Imagine the plot of Alfred Hitchcock's Strangers on a Train getting rerouted into the realm of screwball revenge comedy, and you'll start to get a picture of the tone director Seth Gordon and screenwriters Michael Markowitz, John Francis Daley, and Jonathan Goldstein strike in Horrible Bosses. A kinetic, unpredictable comedy that never slows down once the plot gets rolling, Gordon's rowdy follow-up to Four Christmases shows a director with a knack for memorably outlandish characters and a talent for casting familiar faces in an absurd new light. Nick Jason Bateman, Dale Charlie Day, and Kurt Jason Sudeikis hate their jobs. Not for the long hours or deplorable work conditions, but because each of their bosses seems to delight in making their lives completely unbearable. For Nick, earning a paycheck means enduring the abuse of sadistic corporate psycho Dave Harkin Kevin Spacey, who would rather give himself a hearty raise than promote his best employee. And while recently engaged dental assistant Dale fends off the hyper-sexual advances of his boss, Dr. Harris Jennifer Aniston, a nymphomaniac dentist with a serious kinky streak, womanizing account manager Kurt suffers the profound douchebaggery of his coked-up new boss, Bobby Colin Farrell, a paranoid amateur martial artist "I'm a green belt!" who took over the company following the recent death of his father Donald Sutherland in an all-too-brief cameo. Then, one night, following a drunken conversation at a local bar, the trio agrees that their lives would be better if their bosses were dead, and they drive to a shady bar in search of a willing hitman. Unfortunately, all they can afford on their meager budget is a "murder consultant" in the form of the colorfully named "MF" Jones Jamie Foxx, who recommends they each murder one another's bosses and arrange the killings to look like accidents. But when a slip-up during an intel outing leads to an unexpected complication, Nick, Dale, and Kurt realize that they lack the fortitude for killing just as the police target them as murder suspects and prepare to throw the book at them. From the opening scene detailing the humiliation and abuse that our three protagonists must endure on a daily basis, Horrible Bosses hums with comic energy. Though it may seem like an incredible feat to maintain such momentum for 100 minutes, Gordon and company make a commendable effort by focusing on both the reprehensible actions of the titular villains and the incredulous reactions of the downtrodden working stiffs as they're pushed to the edge of reason. And as if juggling what essentially amounts to three running gags weren't enough, we also get a surprising play on the old "leaping cat" cliché and a hilarious wild card in the form of the unpredictable Dale. Day, playing essentially the same character he does on It's Always Sunny in Philadelphia minus the glue huffing, gets ample support from co-stars Bateman and Sudeikis as the straight man and compulsive womanizer, respectively. Having previously portrayed one of the most abusive bosses in film history in Swimming with Sharks, Spacey still throws off sparks even when he seems to be doing little more than channeling Buddy Ackerman. This time, though, it's Farrell who gets the best performance appraisal. Nearly unrecognizable in a bad comb-over and snug polyester pants, the handsome star fits into his despicable role so well that you'll wish he had more than two scenes. A hot mess in a lab coat, Aniston may get more screen time than her less-sightly co-star, but it's Day's reactions to her character's psychotic come-ons that help give their scenes together an effective comic rhythm. At least for the time being, it doesn't appear that Gordon is poised to overthrow Judd Apatow as the Hollywood comedy juggernaut du jour. Even so, Horrible Bosses succeeds because it takes a situation everyone can relate to and milks it for maximum comic potential so we can forget our own workplace woes for just a brief moment, and return to the office laughing when the alarm clock rings the following morning.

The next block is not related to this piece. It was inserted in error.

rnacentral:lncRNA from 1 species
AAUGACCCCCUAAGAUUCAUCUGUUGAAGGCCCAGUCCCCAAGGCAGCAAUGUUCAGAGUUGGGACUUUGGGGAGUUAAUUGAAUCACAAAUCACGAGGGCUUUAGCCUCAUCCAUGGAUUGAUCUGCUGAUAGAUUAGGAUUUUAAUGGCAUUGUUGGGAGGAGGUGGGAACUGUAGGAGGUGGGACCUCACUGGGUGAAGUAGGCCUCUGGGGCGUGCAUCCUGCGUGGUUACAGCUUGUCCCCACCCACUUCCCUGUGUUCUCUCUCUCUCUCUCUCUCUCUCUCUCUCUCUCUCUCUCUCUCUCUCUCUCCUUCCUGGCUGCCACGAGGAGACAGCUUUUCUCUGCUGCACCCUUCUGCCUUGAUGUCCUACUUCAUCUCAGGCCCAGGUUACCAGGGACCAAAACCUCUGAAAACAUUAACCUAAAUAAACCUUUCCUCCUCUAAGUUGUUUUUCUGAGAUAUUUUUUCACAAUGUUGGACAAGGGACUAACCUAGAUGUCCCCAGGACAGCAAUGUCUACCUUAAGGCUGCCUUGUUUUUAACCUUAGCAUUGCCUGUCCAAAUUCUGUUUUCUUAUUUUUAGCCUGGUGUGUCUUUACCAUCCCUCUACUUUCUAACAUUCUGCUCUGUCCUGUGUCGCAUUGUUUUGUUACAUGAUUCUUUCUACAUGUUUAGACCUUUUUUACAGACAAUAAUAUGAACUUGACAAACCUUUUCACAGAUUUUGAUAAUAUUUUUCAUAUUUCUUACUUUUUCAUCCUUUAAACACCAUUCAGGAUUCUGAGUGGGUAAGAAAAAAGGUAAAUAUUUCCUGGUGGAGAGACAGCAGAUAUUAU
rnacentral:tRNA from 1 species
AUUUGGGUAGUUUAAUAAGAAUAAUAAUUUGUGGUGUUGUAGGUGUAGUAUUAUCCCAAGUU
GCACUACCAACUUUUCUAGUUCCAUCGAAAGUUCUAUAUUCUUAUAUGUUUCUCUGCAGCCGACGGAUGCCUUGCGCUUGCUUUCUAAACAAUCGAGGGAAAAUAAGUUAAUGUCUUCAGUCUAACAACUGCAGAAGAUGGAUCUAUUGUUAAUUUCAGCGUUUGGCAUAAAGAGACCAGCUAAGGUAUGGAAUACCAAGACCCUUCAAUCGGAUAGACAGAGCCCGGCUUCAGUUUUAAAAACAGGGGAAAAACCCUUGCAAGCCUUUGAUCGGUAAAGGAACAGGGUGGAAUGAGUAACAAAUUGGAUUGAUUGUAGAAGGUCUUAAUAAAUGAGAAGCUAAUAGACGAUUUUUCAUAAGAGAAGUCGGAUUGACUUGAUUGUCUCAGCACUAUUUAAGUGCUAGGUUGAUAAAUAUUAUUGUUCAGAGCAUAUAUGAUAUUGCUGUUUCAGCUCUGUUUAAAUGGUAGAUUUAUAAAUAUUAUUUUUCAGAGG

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Product Details